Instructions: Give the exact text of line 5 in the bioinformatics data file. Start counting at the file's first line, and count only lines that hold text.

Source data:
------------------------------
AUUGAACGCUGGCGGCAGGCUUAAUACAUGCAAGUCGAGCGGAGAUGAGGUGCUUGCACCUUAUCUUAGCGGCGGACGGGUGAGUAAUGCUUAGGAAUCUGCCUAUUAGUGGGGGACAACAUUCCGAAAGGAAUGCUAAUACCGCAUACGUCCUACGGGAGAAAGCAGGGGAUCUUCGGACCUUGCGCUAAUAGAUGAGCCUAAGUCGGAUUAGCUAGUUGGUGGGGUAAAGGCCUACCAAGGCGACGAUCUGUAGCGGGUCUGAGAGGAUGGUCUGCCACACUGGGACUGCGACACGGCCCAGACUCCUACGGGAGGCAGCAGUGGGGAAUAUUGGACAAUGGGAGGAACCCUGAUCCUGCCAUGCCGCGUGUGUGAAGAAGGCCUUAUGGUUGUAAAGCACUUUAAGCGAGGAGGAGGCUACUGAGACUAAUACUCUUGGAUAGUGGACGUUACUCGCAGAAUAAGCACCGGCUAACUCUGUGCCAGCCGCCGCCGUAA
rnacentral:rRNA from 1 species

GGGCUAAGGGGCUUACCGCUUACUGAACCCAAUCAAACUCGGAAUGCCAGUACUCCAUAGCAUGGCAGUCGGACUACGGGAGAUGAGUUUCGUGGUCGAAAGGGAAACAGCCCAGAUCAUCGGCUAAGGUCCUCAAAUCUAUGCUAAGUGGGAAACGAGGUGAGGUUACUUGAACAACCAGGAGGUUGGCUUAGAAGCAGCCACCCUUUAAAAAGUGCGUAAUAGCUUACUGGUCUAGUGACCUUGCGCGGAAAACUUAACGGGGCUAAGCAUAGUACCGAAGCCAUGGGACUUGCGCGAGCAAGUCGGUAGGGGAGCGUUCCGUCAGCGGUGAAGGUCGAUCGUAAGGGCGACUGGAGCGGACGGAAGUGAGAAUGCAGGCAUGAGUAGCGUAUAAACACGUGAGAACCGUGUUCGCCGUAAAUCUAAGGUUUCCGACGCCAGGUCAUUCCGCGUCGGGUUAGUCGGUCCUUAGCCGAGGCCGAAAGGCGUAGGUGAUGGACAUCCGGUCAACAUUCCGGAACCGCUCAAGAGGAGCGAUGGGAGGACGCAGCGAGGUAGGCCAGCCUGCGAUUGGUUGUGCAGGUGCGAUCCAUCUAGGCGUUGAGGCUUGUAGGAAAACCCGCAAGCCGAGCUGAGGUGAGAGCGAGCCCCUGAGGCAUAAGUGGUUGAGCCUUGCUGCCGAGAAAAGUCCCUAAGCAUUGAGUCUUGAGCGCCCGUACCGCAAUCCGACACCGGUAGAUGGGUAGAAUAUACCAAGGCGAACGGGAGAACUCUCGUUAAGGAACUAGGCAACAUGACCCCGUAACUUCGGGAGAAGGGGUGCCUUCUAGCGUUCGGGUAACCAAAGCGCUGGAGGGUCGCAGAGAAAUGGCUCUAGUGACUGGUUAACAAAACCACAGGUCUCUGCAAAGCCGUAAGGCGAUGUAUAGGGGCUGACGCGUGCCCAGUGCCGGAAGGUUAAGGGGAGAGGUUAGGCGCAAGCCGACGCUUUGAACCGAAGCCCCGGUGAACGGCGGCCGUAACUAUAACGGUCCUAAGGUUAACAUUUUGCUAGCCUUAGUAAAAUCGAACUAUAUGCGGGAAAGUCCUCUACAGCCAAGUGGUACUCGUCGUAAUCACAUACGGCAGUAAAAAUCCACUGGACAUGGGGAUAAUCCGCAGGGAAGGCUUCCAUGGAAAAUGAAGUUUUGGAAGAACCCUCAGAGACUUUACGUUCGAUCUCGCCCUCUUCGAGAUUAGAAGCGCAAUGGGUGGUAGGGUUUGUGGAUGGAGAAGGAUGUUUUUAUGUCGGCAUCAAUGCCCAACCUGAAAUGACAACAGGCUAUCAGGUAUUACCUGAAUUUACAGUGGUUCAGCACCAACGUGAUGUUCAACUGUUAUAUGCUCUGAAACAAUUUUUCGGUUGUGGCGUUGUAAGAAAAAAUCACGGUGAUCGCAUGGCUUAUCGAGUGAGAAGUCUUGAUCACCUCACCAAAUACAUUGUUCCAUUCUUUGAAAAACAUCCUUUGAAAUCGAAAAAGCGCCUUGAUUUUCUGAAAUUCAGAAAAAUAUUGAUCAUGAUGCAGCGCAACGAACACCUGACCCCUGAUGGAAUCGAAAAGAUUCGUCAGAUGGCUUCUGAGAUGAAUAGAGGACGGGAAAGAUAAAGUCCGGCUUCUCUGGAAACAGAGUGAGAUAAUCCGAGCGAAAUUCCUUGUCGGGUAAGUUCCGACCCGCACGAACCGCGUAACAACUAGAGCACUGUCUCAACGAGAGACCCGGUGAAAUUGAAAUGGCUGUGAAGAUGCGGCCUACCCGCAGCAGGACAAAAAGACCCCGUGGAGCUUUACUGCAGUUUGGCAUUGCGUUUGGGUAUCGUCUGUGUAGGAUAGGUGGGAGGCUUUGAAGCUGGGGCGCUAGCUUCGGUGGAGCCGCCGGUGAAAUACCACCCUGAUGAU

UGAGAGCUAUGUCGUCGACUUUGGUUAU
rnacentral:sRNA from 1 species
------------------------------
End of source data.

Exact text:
rnacentral:sRNA from 1 species